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Kaitlin Brunsden

Managing Data: Talking with Algebraix

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What follows is my podcast with Chris Piedmonte, CTO of Algebraix. We discuss the challenges organizations face when trying to implement analytics on massive volumes of data. Chris will offer his insight on why the relational model is insufficient for today's data needs, and how Algebraix can help.

Listen to my 9:55 podcast below:

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KB: Can you please provide us with a brief overview of your company?

CP: I'll be happy to. Well, Algebraix Data Corporation was started to develop data management software around a new means of modeling data mathematically. The math we're using is a collection of algebras that was developed based on the idea that information is best represented by binary pairs of information not single values. And that the ability to manipulate the structure of the data is just as important as the ability to manipulate the values when it comes to designing and building systems that are efficient, easy to use, and can deliver a high value to our customers.

The concept actually goes back to the 1960s and it's the same basic concept that the relational data model was based on but our approach is for more mathematically rigorous and sound than the approach that was originally taken by Ted Codd back when he was doing his original work on the relational data model. By applying the mathematics, we've been able to develop a new technology for storing and manipulating data and we call the technology Algebraix Company, Algebraix Data Corporation because it's based on this collection of algebras we've created here at ADC.

The math itself has been very useful in solving a lot of problems that we've seen in the relational implementations that exist today. For example, the software itself is capable of self-managing, and self-organizing, and self-optimizing based on an application of the mathematics we've developed. What that does for our users is they no longer need to worry about deciding on data structures, indexes, partitioning, and how to allocate storage for specific types of databases or for how information should be served up to the users. All of this is automated through the application of the mathematics we have.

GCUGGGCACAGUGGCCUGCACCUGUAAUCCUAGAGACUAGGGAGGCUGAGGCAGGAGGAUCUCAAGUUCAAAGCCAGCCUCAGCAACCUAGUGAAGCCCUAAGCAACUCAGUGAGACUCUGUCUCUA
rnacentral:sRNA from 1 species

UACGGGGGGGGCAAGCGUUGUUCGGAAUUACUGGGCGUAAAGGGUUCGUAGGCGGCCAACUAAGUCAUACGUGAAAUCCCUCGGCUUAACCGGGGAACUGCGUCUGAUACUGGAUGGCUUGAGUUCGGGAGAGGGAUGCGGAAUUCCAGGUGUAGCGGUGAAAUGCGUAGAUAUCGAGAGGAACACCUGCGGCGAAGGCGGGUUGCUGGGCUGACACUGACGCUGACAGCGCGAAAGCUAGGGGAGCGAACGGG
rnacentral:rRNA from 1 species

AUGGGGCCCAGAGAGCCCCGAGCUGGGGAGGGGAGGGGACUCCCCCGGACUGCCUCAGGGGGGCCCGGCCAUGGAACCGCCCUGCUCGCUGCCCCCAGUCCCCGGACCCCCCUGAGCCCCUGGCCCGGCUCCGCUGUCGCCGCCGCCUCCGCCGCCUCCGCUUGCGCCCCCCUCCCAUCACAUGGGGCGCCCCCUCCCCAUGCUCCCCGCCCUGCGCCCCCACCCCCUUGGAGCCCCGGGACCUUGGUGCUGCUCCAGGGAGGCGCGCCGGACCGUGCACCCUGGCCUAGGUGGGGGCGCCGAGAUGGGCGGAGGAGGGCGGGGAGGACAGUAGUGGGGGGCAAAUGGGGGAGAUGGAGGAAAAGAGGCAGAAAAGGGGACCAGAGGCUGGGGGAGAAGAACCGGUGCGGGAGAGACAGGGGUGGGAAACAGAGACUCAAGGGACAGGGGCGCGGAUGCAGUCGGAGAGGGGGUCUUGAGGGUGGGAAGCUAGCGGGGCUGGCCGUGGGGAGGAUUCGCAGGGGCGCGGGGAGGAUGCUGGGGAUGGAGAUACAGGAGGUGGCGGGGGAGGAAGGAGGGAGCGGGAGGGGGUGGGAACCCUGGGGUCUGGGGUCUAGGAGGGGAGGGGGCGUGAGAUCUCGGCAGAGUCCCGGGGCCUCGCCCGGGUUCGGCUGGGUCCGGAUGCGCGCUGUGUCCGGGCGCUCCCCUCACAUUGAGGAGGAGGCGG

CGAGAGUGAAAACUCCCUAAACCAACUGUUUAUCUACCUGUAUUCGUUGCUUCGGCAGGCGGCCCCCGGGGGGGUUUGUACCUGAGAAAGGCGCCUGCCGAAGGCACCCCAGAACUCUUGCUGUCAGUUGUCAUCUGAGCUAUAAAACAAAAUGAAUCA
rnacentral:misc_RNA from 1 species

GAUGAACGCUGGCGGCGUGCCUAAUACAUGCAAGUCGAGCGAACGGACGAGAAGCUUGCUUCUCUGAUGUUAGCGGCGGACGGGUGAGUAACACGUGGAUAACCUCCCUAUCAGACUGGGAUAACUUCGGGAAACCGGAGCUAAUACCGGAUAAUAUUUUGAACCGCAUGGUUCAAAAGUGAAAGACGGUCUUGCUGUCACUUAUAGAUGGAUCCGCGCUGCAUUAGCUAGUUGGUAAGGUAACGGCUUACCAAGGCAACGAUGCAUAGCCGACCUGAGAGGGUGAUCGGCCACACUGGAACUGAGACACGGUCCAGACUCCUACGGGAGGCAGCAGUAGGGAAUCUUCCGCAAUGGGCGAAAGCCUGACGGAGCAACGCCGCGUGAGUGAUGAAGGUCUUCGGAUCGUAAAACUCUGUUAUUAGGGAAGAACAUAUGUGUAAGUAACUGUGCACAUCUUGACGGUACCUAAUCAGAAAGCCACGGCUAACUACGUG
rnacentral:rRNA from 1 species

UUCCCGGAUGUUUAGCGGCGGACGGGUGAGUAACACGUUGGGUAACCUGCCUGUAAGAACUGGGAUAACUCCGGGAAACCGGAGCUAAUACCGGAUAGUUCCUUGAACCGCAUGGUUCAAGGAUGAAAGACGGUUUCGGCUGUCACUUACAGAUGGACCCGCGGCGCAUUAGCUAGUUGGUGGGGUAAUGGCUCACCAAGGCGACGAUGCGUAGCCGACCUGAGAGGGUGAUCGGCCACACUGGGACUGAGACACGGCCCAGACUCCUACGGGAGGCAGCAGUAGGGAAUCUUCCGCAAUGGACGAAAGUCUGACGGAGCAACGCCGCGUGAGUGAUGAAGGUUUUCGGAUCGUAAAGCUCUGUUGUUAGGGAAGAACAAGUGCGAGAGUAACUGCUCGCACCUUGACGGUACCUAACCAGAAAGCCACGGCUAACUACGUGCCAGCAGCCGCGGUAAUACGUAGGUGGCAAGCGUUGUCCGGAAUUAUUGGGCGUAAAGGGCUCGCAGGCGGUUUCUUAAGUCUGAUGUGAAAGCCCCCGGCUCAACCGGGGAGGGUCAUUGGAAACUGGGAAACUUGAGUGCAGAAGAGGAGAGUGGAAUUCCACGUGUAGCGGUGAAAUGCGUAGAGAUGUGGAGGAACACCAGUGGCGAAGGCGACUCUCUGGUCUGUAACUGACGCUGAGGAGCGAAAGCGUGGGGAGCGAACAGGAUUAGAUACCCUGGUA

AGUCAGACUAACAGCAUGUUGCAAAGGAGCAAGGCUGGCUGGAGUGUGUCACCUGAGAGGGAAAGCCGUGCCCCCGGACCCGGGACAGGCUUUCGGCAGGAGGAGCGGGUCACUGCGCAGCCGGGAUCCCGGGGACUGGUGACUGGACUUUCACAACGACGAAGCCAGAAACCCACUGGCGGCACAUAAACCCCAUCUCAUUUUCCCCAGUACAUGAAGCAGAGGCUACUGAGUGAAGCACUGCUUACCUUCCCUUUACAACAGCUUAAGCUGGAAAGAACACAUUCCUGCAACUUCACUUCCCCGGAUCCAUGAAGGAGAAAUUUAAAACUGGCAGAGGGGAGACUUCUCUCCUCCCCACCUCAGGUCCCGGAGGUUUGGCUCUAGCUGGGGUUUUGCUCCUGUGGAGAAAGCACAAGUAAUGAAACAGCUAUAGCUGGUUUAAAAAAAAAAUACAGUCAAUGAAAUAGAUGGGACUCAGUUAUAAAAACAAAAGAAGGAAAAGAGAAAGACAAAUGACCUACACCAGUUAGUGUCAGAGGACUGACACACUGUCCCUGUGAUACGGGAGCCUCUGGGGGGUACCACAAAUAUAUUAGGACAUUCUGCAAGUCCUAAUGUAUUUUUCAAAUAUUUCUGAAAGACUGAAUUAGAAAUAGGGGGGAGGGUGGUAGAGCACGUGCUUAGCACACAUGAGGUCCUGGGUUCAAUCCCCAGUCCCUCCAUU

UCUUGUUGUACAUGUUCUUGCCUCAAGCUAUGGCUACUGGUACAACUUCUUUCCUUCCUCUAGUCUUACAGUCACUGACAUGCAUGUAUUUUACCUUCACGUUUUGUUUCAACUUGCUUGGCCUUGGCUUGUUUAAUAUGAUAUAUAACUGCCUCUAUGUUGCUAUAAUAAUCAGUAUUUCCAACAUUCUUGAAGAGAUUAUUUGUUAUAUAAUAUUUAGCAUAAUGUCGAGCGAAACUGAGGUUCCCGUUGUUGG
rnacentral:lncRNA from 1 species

KB: Today's topic is The Challenges Organizations Face on Trying to Implement Analytics on Massive Volumes of Data. So Chris, your company has created a very different way of managing data. What's wrong with the relational model and why do you think people need something else?

CP: Well first off, it's not that there's really anything wrong with the relational data model. During the 70's and 80's, the relational model was popularized because it solved some problems. It allowed for standardization, it provided a means of organizing typical business information and business data in such a way that could be easily stored, and retrieved, and integrated with applications. As you know today, the relational database is the standard for information management and it's a multi-billion dollar market at this point but it's not suited to all applications. The internet, the power of computer today and plethora of new applications that do things other than manage tabular business data has caused creation of new data structures and new means of using information that's more diverse and the relational data model wasn't designed to handle that kind of thing.

This can include hierarchal databases, graphs, audio, video, even business documents today are far more complexed than what you can easily model with a row and column type of store. To store this information relationally, all this new information, is difficult. You got to go through all kinds of unusual and unnatural acts to get the information into these relational data structures. Once you've done that, then the SQL Language and other techniques used to access the information are difficult for the users, they're complicated, they're hard to maintain, all of this just creates a lot of manual work that has to be overcome through efforts and considerable amount of time and money.